Friday, 27 March 2015

What matters?

For this competition you're asked to write a first person piece which, although not autobiographical, is about something which is close to your heart. The prize is £200.

Wednesday, 25 March 2015

Lugubrious

Lugubrious means, doleful, mornful or dismal. It sounds as though it should be something fun, doesn't it?

As far as I can recall I've only ever come across it in relation to speech, but characters needn't just speak lugubriously, the could show their inner lugubriousness through a sad expression and dejected manner.

Much as I like the sound of foghorns, I think it would be fair to describe the noise they make as lugubrious.

Thanks to Beatrice!!!!

Tuesday, 24 March 2015

Published paragraphs

Here's an opportunity to get a short piece of work published. It can be a short story, novel extract, story opening ... anything really as long as there's ony 75 words of it. It can be on any subject too - even fishy ones.

I'm over at Misha's blog today, hopefully not floundering, or carping on ...

Sunday, 22 March 2015

A lot of competitions

Gayle Beveridge has compiled a list of almost 100 competitions (some of which are free to enter) which you can download here.

Here are a lot of crocus (my picture but not my garden)

Thursday, 19 March 2015

Over The Garden Fence

My latest book, another short story collection, will be launched on 3rd April. That's Good Friday which is a traditional gardening day. The stories all have some connection to gardens, gardeners, plants or flowers, so it seemed appropriate. The kindle version is ready for 'pre-order' now.

They'll be a launch party here and on my facebook author page on release date.

If anyone would like me to do a guest post on their blog, or would like to interview me, or is able to tweet or do a facebook share or practically anything else in the way of publicity, that'd be great. *flutters eyelashes*

Over The Garden Fence

Sue fills a room with white carnations to celebrate her twenty-first wedding anniversary. Yvonne looks forward to the garden party and gets hot and bothered by charming Dr Mathews' bedside manner. Maria dreads Valentine's Day with all those red roses to remind her of past hurts.

Maddie longs to visit her brother's wonderful English garden. Dare she go? Luisha Summer was once Lucy Winterbottom, almost everything about her has changed. Does she still love flowers and remember those who aided her success? Old Myrtle promises the kids a trick along with their treats, but they're too greedy to hear the warning.

Adam has the chance to help his hero, PC Mark, and prove himself a worthy deputy if he can only discover who's responsible for stealing a prize-winning marrow and three old roller skates. Will the mystery caller persuade Beverley to make time to smell the flowers? Gran's forget-me-not brooch will lead Mazie to true love... eventually.

Gardens, plants and people all have their stories. Lean over my garden fence and I'll tell you a few.

Wednesday, 18 March 2015

Hyperbole

According to my dictionary, hyperbole (pronounced hyperbollee) is 'an exaggerated statement not meant to be taken literally'. I wish someone would tell the media (especially the local news) and marketeers that.

People are never a bit upset and mildly inconvenienced when a bus service changes or the lift is out of order, they're devastated, trapped and stranded. When there's a mistake on their gas bill they're not a bit surprised and then glad when it's sorted out, they're shocked, dismayed and horrified then hugely relieved.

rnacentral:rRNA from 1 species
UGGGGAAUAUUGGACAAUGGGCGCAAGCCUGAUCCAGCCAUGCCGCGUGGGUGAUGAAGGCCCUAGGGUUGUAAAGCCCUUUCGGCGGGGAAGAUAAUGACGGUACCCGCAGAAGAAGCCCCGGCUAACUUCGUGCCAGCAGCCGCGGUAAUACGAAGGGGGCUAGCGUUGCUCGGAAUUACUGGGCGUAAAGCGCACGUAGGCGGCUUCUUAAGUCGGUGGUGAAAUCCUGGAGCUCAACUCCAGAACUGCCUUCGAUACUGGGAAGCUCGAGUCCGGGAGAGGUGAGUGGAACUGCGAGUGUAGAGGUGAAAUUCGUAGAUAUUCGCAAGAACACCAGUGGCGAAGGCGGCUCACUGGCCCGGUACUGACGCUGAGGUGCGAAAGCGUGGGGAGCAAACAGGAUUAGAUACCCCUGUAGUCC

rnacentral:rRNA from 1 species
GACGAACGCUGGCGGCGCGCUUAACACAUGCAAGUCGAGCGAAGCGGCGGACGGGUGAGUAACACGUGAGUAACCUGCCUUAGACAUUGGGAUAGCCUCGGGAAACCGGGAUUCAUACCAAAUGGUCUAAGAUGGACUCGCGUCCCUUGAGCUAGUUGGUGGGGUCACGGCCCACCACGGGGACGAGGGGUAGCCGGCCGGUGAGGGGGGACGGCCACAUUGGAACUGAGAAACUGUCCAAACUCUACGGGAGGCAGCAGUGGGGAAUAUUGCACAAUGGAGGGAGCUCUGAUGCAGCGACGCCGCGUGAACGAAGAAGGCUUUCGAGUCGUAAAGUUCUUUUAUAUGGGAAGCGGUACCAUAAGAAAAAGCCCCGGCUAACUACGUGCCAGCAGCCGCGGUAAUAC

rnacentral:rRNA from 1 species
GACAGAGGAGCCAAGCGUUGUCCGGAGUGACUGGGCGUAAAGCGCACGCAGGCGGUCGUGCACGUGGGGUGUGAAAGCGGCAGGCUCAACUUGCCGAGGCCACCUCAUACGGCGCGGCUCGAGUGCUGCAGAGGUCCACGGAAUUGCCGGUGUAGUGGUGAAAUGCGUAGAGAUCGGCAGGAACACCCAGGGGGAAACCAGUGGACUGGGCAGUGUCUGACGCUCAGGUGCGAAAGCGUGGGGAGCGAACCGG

Food manufacturers don't release a new flavour, instead it's an exciting new recipe or unique taste sensation. Products are never quite a good idea which might be useful, they're innovative and life changing.

TV programmes are never quite amusing, they're always hilarious and slide-splittingly funny. Presumably 'they' watch the director's cut, leaving me with the version which got slightly lost in translation ... either that or I'm just a complete and total misery. Yeah, could be that.

Here's a picture of a deadly poisonous fungi I risked life and limb to photograph for you. Or, without the hyperbole, here's a fungi which might not be good to eat and which was growing on a slope of wet grass, meaning that had I not been careful I could have slipped a bit as I walked up to it.

Tuesday, 17 March 2015

Six word stories

Writing a story in six words isn't easy, but if you come up with a good one you could win £100 in this competition. Thanks to Beatrice Charles for telling me about it.

Here are six strawberries - not sure they'll actually help. You could, if you like, get into the mood by leaving a six word comment.

Monday, 16 March 2015

Marginalised?

Arts Council England are running this competition for 'disabled and marginalised' writers offering financial, and other, help. There's quite a list of ways in which a person could be considered 'marginalised' being over aged over 65, acting as a carer or being long term unemployed for example, so it might be having a look to see if you qualify. Flash fiction or poetry can be submitted.

Thanks to Sandy Walker for letting me know about this competition. I'm very sorry about the terrible pictorial pun on her name.

Friday, 13 March 2015

Weekly poetry competition.

This site runs a weekly poetry competition. There's no entry fee and no prize other than online publication and a warm fuzzy feeling. Still, if you write poetry just for the glory and money, you're on a rocky path and have a steep climb ahead of you.

(I climbed up to the top of this rock - then had to slide back down on my bum thanks to a lack of railings and sudden attack of scaredycatness. )